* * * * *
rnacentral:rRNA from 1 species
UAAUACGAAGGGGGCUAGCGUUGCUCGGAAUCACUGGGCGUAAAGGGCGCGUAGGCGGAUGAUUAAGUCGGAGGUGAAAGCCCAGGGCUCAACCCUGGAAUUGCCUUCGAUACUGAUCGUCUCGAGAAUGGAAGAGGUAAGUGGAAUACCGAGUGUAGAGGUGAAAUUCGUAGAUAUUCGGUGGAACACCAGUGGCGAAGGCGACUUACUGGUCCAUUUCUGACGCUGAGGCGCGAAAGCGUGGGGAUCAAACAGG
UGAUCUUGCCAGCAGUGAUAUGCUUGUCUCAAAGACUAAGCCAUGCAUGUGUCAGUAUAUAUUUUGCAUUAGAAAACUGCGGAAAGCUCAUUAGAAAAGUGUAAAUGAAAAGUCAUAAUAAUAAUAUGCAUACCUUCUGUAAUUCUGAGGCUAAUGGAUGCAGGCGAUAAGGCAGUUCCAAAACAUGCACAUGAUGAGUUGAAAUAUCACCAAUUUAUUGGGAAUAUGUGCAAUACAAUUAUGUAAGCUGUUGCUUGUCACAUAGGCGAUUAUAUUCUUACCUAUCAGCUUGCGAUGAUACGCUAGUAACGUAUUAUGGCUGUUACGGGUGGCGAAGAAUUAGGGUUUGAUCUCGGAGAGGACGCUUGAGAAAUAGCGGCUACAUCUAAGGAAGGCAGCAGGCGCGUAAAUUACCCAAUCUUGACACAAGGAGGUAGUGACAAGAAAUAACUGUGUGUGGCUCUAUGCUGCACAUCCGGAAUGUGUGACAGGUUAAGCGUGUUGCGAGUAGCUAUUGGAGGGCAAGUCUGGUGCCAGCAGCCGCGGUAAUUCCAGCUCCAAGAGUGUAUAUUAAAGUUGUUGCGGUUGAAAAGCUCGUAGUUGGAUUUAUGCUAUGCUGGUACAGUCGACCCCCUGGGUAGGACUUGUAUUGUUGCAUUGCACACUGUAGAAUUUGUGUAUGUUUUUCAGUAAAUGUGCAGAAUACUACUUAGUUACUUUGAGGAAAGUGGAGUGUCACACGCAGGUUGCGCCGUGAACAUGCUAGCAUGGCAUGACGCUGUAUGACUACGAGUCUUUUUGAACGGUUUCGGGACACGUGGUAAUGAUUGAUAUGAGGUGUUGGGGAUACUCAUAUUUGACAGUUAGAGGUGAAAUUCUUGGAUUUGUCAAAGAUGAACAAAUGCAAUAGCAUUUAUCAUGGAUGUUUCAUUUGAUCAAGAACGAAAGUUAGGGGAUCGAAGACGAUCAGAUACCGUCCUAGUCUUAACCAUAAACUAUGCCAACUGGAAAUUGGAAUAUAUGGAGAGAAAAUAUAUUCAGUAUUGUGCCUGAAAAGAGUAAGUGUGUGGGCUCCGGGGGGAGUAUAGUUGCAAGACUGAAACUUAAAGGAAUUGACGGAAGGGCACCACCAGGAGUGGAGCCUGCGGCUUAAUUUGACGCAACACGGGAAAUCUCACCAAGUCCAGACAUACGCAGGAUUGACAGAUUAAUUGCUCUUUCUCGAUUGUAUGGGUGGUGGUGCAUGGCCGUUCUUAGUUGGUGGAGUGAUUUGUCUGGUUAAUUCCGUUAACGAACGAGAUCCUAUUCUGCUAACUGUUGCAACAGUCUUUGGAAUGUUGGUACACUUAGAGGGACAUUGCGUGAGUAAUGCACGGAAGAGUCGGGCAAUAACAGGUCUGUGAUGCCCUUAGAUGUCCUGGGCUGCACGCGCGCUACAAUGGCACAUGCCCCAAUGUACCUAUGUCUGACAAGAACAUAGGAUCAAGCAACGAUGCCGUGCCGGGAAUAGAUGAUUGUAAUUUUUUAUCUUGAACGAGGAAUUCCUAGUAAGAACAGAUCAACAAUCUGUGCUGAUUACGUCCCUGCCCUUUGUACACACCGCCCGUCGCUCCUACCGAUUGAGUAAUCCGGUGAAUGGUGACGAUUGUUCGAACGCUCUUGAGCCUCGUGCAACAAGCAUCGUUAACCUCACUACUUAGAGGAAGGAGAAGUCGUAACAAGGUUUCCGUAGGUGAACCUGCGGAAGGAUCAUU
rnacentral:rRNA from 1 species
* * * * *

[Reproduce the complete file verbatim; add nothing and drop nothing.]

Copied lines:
rnacentral:rRNA from 1 species
UAAUACGAAGGGGGCUAGCGUUGCUCGGAAUCACUGGGCGUAAAGGGCGCGUAGGCGGAUGAUUAAGUCGGAGGUGAAAGCCCAGGGCUCAACCCUGGAAUUGCCUUCGAUACUGAUCGUCUCGAGAAUGGAAGAGGUAAGUGGAAUACCGAGUGUAGAGGUGAAAUUCGUAGAUAUUCGGUGGAACACCAGUGGCGAAGGCGACUUACUGGUCCAUUUCUGACGCUGAGGCGCGAAAGCGUGGGGAUCAAACAGG
UGAUCUUGCCAGCAGUGAUAUGCUUGUCUCAAAGACUAAGCCAUGCAUGUGUCAGUAUAUAUUUUGCAUUAGAAAACUGCGGAAAGCUCAUUAGAAAAGUGUAAAUGAAAAGUCAUAAUAAUAAUAUGCAUACCUUCUGUAAUUCUGAGGCUAAUGGAUGCAGGCGAUAAGGCAGUUCCAAAACAUGCACAUGAUGAGUUGAAAUAUCACCAAUUUAUUGGGAAUAUGUGCAAUACAAUUAUGUAAGCUGUUGCUUGUCACAUAGGCGAUUAUAUUCUUACCUAUCAGCUUGCGAUGAUACGCUAGUAACGUAUUAUGGCUGUUACGGGUGGCGAAGAAUUAGGGUUUGAUCUCGGAGAGGACGCUUGAGAAAUAGCGGCUACAUCUAAGGAAGGCAGCAGGCGCGUAAAUUACCCAAUCUUGACACAAGGAGGUAGUGACAAGAAAUAACUGUGUGUGGCUCUAUGCUGCACAUCCGGAAUGUGUGACAGGUUAAGCGUGUUGCGAGUAGCUAUUGGAGGGCAAGUCUGGUGCCAGCAGCCGCGGUAAUUCCAGCUCCAAGAGUGUAUAUUAAAGUUGUUGCGGUUGAAAAGCUCGUAGUUGGAUUUAUGCUAUGCUGGUACAGUCGACCCCCUGGGUAGGACUUGUAUUGUUGCAUUGCACACUGUAGAAUUUGUGUAUGUUUUUCAGUAAAUGUGCAGAAUACUACUUAGUUACUUUGAGGAAAGUGGAGUGUCACACGCAGGUUGCGCCGUGAACAUGCUAGCAUGGCAUGACGCUGUAUGACUACGAGUCUUUUUGAACGGUUUCGGGACACGUGGUAAUGAUUGAUAUGAGGUGUUGGGGAUACUCAUAUUUGACAGUUAGAGGUGAAAUUCUUGGAUUUGUCAAAGAUGAACAAAUGCAAUAGCAUUUAUCAUGGAUGUUUCAUUUGAUCAAGAACGAAAGUUAGGGGAUCGAAGACGAUCAGAUACCGUCCUAGUCUUAACCAUAAACUAUGCCAACUGGAAAUUGGAAUAUAUGGAGAGAAAAUAUAUUCAGUAUUGUGCCUGAAAAGAGUAAGUGUGUGGGCUCCGGGGGGAGUAUAGUUGCAAGACUGAAACUUAAAGGAAUUGACGGAAGGGCACCACCAGGAGUGGAGCCUGCGGCUUAAUUUGACGCAACACGGGAAAUCUCACCAAGUCCAGACAUACGCAGGAUUGACAGAUUAAUUGCUCUUUCUCGAUUGUAUGGGUGGUGGUGCAUGGCCGUUCUUAGUUGGUGGAGUGAUUUGUCUGGUUAAUUCCGUUAACGAACGAGAUCCUAUUCUGCUAACUGUUGCAACAGUCUUUGGAAUGUUGGUACACUUAGAGGGACAUUGCGUGAGUAAUGCACGGAAGAGUCGGGCAAUAACAGGUCUGUGAUGCCCUUAGAUGUCCUGGGCUGCACGCGCGCUACAAUGGCACAUGCCCCAAUGUACCUAUGUCUGACAAGAACAUAGGAUCAAGCAACGAUGCCGUGCCGGGAAUAGAUGAUUGUAAUUUUUUAUCUUGAACGAGGAAUUCCUAGUAAGAACAGAUCAACAAUCUGUGCUGAUUACGUCCCUGCCCUUUGUACACACCGCCCGUCGCUCCUACCGAUUGAGUAAUCCGGUGAAUGGUGACGAUUGUUCGAACGCUCUUGAGCCUCGUGCAACAAGCAUCGUUAACCUCACUACUUAGAGGAAGGAGAAGUCGUAACAAGGUUUCCGUAGGUGAACCUGCGGAAGGAUCAUU
rnacentral:rRNA from 1 species